The calves gained very well over the 60 days. “They went from around 615 pounds to around 840 pounds. The average daily gain was from about 3.7 pounds with the control and corn supplement to 3.4 pounds per day with the glycerin — not a big difference.
“Others say there could be a change in feedlot or dairy diets with (the inclusion) of glycerin. That’s because they decrease intake — we’re not sure why.”
Another Wyoming study looked at digestion with glycerin in a grass hay-based diet. The feed went from zero to 30 percent glycerin.
As the amount of glycerin is increased, “for 48 hours there’s really no difference in total digestibility. Of course, glycerin is more digestible than hay. One difference, though, is the digestion rate decreased as more glycerin was added.”
On cows back in Hope, Ark., “we used some glycerin from Eastman (a biofuel plant in Batesville). We looked at corn, soybean hulls, wheat forage, and bermudagrass. In the dry matter digestibility, there wasn’t much difference when we went from zero to 15 percent glycerin.”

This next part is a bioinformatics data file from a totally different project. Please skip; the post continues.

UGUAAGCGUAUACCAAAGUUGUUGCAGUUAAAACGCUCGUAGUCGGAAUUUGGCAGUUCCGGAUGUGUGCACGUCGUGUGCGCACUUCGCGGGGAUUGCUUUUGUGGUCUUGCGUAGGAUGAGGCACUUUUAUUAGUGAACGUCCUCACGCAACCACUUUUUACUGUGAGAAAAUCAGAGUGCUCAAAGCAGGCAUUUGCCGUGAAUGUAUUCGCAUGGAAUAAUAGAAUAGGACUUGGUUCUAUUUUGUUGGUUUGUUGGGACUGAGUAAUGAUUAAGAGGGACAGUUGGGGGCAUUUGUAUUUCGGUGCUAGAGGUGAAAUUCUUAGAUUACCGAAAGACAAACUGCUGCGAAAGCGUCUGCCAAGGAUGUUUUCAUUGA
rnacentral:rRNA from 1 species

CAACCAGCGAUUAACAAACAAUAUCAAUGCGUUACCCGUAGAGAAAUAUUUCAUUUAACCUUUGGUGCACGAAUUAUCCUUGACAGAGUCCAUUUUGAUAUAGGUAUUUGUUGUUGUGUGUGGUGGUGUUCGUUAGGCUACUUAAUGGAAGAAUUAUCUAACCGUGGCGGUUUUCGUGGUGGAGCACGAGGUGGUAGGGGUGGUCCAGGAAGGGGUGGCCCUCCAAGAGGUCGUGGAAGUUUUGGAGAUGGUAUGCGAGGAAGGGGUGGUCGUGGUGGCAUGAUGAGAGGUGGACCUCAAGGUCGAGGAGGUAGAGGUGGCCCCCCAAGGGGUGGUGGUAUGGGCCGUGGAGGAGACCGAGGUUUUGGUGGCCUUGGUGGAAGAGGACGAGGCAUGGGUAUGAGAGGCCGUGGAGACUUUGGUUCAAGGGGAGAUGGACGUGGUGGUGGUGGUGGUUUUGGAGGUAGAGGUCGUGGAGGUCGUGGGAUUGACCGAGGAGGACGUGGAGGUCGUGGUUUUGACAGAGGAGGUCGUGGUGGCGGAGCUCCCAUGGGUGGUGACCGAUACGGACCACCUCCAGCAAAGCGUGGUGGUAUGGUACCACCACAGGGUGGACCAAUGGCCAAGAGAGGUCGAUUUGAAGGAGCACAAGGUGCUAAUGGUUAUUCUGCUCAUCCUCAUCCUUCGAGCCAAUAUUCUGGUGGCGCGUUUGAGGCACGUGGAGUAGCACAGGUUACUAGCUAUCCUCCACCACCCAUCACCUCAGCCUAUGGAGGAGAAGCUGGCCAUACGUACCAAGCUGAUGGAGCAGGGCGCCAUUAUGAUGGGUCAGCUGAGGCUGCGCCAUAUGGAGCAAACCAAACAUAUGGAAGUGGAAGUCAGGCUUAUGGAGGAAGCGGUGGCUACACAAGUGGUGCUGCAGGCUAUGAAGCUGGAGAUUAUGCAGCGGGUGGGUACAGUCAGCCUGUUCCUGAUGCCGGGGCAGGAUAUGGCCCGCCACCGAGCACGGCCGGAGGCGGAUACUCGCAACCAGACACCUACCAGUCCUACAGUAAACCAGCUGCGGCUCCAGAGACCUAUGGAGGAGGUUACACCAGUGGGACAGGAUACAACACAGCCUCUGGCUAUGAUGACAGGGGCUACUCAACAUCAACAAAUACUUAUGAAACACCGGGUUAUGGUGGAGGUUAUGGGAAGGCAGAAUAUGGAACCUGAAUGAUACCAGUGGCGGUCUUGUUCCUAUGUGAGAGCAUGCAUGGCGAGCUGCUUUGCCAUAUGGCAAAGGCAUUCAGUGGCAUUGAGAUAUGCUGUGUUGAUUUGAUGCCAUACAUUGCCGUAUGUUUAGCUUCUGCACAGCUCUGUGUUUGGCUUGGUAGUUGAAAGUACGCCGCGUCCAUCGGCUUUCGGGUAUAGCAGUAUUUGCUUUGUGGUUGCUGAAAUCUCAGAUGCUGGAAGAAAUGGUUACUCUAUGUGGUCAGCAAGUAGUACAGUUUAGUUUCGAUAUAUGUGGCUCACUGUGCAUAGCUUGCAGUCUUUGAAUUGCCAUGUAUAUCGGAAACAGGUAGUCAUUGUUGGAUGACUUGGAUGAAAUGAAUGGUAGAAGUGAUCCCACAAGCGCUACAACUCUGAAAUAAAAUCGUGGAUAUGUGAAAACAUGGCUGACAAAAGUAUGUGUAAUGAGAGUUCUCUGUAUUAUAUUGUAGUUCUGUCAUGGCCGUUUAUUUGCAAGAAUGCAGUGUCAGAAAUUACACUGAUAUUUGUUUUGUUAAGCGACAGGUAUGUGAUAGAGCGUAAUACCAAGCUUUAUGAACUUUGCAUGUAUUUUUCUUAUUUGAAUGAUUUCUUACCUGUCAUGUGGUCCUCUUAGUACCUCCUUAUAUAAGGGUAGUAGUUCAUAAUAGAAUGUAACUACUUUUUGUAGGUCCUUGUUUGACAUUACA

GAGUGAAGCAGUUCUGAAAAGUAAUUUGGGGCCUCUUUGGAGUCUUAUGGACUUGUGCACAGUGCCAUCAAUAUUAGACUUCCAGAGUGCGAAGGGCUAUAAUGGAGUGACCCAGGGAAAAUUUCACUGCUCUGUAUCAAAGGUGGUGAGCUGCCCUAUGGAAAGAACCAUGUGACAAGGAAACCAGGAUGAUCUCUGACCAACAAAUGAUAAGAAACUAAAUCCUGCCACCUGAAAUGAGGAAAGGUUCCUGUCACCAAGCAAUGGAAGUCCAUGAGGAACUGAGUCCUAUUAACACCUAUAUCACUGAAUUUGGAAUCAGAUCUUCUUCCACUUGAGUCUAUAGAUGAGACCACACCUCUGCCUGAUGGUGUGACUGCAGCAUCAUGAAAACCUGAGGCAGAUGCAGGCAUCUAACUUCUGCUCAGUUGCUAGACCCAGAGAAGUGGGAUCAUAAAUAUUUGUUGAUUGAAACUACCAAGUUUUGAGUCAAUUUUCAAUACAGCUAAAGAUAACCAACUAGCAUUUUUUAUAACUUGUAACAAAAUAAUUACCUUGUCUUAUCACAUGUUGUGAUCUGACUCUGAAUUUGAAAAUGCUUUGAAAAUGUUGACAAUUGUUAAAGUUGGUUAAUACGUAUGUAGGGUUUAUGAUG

The fiber digestibility of the corn and soybean hulls increased slightly as glycerin was added. However, the digestibility of the wheat forage and bermudagrass decreased slightly before increasing as glycerin was added.
“We also looked at the volatile fatty acid (VFA) production (a byproduct of fermentation in the cow), which is where cattle get most of their energy. Acetate is primarily produced in high forage diets. Propionate increases as concentrated supplements are added — or in cattle on higher grain diets. As you’d expect, as corn is added in different digestibility studies, that normally results in an increase in propionate and a decrease in acetate.”
A third important VFA is butyrate. “I’ve heard discussion that butyrate may be tied to the decrease in intake with feedlot and dairy diets as glycerol is added.”
Glycerin research as feed is just beginning.
“I don’t know where it’ll go but it is a byproduct that’ll be available. If there’s a (biofuel) plant close to your operation” glycerin is more likely to be an option. Because of its high-moisture nature, “it’ll be more expensive to haul long distances. We’re trying to figure out how to use it well.”